DENNIS Skinner, Member of Parliament for Bolsover, was suspended from parliament for a day’s sitting after referring to Prime Minister David Cameron as “Dodgy Dave”. After being demanded by speaker of the commons to withdraw the word “dodgy”, Skinner repeated it and remarked “do what you like” to the speaker.
As he left a Tory MP quipped, “He’s used to this.” Indeed, it isn’t the first time the ‘beast of Bolsover’ has been removed from parliament or caused a stir by his sharp manner in parliament. We thought we’d look back on some of his most famous quips and outbursts:
1. 1984, with David Owen. Skinner lost his cool against David Owen, previously on Labour front bench but now part of the newly formed Socialist Democratic Party, a split off from Labour. Skinner referred to Owen as a “pompous sod” in a parliamentary sitting, and after having the speaker urge him to retract the sharp insult, Skinner replied that he would retract “pompous”.
2. Again in 1984, with Margaret Thatcher. During questions put towards the then Prime Minister over an impending Court of Appeal, Skinner commented to the house that should she lose she’d have to resign, asking “how can we be sure that she will not go to the extent of bribing the judges who are to take the decision?” The Prime Minister and the Speaker demanded the accusation to be withdrawn, Skinner, defiant as he was last week replied “I have no intention of withdrawing the allegation because the Prime Minister would do anything to save her own neck.”
3. 1992, with John Gummer. Skinner was kicked out of the parliamentary session after he set his sights on the Tory John Gummer, the agriculture minister, called him a “little squirt of a minister” and a “slimy wart” on Thatcher’s nose. Ouch.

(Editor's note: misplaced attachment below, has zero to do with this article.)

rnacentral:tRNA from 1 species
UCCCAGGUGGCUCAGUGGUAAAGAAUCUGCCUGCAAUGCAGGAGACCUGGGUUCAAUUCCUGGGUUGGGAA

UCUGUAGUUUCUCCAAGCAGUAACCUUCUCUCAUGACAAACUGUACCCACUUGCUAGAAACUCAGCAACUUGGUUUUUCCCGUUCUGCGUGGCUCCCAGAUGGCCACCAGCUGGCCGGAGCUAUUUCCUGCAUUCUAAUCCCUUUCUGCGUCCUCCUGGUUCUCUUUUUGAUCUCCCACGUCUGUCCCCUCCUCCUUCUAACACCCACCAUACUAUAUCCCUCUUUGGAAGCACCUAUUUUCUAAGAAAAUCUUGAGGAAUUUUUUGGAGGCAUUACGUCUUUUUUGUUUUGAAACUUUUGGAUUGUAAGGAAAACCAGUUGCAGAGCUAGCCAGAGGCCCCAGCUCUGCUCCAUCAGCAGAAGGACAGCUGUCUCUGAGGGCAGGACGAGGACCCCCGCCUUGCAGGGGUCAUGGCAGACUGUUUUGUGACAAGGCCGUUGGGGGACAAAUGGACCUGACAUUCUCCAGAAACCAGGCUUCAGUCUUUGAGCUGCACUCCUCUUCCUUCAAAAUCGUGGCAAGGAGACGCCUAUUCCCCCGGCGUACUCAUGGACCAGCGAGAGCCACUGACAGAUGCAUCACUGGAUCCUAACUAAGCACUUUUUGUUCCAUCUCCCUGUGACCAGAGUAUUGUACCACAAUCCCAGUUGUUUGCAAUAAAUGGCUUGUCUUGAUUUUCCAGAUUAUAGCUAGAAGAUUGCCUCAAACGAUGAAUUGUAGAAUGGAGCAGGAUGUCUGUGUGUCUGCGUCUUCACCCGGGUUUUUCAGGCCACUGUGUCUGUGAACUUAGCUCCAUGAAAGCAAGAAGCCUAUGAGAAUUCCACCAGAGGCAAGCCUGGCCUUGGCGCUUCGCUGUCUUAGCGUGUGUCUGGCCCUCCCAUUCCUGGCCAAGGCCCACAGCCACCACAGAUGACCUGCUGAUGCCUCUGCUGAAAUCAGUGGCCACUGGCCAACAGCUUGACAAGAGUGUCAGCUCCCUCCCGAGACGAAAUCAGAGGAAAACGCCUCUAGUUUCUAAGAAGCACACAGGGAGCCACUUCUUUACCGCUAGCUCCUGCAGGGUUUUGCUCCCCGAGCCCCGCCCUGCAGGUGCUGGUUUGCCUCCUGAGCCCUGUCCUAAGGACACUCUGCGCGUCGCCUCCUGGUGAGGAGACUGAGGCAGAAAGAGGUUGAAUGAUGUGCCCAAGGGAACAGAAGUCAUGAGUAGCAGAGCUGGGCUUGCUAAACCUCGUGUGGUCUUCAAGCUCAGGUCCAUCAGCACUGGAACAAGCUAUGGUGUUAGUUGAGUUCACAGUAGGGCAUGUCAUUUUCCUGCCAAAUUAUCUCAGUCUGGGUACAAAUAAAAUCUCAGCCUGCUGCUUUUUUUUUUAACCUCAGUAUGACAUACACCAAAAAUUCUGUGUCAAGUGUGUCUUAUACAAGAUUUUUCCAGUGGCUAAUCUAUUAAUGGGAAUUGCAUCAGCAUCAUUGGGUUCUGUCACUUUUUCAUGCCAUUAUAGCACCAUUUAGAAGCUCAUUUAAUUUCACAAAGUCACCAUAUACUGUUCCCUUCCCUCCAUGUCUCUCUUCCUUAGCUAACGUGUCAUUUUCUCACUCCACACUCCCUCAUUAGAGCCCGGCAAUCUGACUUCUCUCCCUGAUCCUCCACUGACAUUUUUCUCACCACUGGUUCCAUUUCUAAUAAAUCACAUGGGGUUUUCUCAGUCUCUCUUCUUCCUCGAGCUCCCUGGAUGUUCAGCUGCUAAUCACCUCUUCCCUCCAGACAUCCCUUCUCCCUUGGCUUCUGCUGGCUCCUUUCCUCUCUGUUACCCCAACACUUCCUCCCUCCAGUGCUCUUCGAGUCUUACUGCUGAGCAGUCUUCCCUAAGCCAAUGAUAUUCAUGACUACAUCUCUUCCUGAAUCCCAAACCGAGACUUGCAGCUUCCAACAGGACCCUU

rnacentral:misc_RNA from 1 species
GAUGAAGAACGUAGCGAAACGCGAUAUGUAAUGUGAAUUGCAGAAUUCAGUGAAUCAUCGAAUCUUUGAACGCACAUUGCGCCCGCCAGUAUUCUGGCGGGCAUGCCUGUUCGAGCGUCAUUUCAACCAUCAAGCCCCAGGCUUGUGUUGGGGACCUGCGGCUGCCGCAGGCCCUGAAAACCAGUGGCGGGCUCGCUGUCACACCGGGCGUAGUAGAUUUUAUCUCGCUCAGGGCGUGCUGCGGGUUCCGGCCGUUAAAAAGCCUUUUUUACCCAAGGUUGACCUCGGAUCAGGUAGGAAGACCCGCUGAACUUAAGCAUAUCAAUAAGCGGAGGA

4. 1988, with the Black Rod. The opening of parliament is steeped in pomp and tradition, and little did they know that a new custom was starting. As Black Rod (Sir John Gingell) entered the House of Commons, dressed in the all black traditional wear, Skinner quipped “Ey up, here comes Puss in Boots!”. This was one of the earlier of many future heckles to the Black Rod.
5. 1994, with The Royal Family. In an interview outside of parliament, David Skinner was commenting on a growing republican sentiment in the UK saying it was only a matter of time before the monarchy was abolished. He seemed pleased at the thought of their occupations after the abolition that never came. “The Queen could get a job at Royal Ascot, taking care of the horses (…) and Prince Phillip could be running a kebab shop in North London,” said he.
6. 2000, with The Guardian. During the previous weeks and months, the Guardian newspaper had been calling for a repeal of various laws associated with the monarchy, such as the royal prerogative. After Black Rod’s entry to parliament and order from the Queen, Skinner called on him to “tell her to read the Guardian.”
7. 2005, with George Osbourne. Back in 2005 when George Osbourne was the shadow chancellor, allegations of cocaine use emerged in the tabloids. Skinner, in reference to the economic record of Thatcher’s Tory government in the 1980’s, remarked that, “The only thing that was growing then were the lines of coke in front of boy George and the rest of the Tories.”
8. 2006, with The Queen. Another one of his quips at the start of the parliamentary opening. When on behalf the queen the Black Rod demanded the commons to convene at the House of Peers for the Queens speech, Skinner called out the Black Rod “Have you got Helen Mirren on standby?”
9. 2006, with Theresa May. When Theresa May made the accusation that Tony Blair had misled the House over the performance of the NHS, she was excused in a manner that riled Skinner who shouted, “she was let off ’cause she’s a Tory.” The speaker demanded Skinner withdraw the outburst and he was suspended for the day’s sitting when he refused.
Any Skinner outburst you think we missed? What’s your favourite parliamentary quip? Let us know in the comments below.